Written by Craig Schreiner | Photos by Craig Schreiner
In Why I Teach, Ken Brosky, an associate professor in the College of Integrated Studies on the UW-Whitewater at Rock County campus, connects students with the worthiness of their own ideas through critical reading and creative writing. In Brosky’s English 101 course, students focus on a text and a topic — online shaming, as one example — and learn to search for understanding in the reading and to write an academic reflection. In English 103, he teaches creative writing. Students compete in contests, retell fables and share an autobiographical narrative. They refine their storytelling skills and create a personal project for the end of the semester.
“I recently sat down with a student (remotely) and helped him write his paper. It took us an hour, and I literally sat in front of my computer drinking my coffee and watching the student write each paragraph. We had Google Docs, which allowed us to work on a single document. I gave him feedback. I helped him brainstorm. And every paragraph he finished, we went over together. It was exhausting, and I could never do this with EVERY single student. But this student needed the help, and he was willing to tolerate me for an hour, and by the end I swear this student had managed to write an incredible paper. I was so freaking proud of him. It’s hard out there right now. Sometimes, we forget that everyone is the hero of their own story. Remembering this important point grounds me and allows me to approach every situation from the student’s frame of reference. We’re all in this together.”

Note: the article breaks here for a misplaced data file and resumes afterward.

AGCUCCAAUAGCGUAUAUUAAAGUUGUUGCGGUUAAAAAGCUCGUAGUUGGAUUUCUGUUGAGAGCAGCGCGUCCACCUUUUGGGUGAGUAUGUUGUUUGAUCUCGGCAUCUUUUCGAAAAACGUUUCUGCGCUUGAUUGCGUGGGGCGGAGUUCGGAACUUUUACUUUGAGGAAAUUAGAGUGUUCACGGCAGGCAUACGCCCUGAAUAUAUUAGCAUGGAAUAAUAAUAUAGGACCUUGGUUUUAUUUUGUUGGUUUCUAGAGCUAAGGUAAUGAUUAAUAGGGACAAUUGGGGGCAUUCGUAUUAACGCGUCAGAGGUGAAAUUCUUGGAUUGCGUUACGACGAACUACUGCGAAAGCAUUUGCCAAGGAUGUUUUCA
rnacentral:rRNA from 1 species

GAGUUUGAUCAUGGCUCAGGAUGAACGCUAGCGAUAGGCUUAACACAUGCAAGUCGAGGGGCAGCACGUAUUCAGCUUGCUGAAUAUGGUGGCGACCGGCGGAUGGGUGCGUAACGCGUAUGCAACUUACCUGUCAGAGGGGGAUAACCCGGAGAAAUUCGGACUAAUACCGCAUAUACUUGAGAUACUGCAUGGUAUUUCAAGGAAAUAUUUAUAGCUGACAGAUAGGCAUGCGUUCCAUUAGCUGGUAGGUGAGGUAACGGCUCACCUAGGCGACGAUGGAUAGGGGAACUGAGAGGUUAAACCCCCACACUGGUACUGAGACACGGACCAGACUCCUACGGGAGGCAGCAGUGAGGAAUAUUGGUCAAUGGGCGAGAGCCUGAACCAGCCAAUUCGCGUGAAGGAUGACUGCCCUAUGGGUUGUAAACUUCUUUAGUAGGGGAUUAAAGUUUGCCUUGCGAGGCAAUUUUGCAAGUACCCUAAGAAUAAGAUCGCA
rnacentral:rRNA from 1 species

“I was very lucky to have an incredible mentor when I first began teaching. Bernie Hoes is a professor of English at Madison Area Technical College (Madison College). He hired me to teach my first class when I was fresh out of college. I had absolutely no idea what I was doing, but Bernie gave me feedback and helped me to develop the skills necessary to become a great teacher. He’s become a close friend, and not a day passes when I’m not thankful for all the help he gave me.”
“On the Rock County campus, we have a lot of students who are working full-time jobs. This can present a lot of challenges for students, especially during hard economic times, and when they can’t necessarily move to a new job if their bosses refuse to respect their academic schedules. It’s always important to recognize that every student WANTS to be successful. Sometimes, that means finding what works on an individual scale. On the Rock County campus, our small class sizes make this possible.”
WHY I TEACH is a series about the dedicated professionals at the University of Wisconsin-Whitewater, including professors, coaches, advisors and other staff members, who make every day a teachable moment — and every place a learning place — by their expertise and example.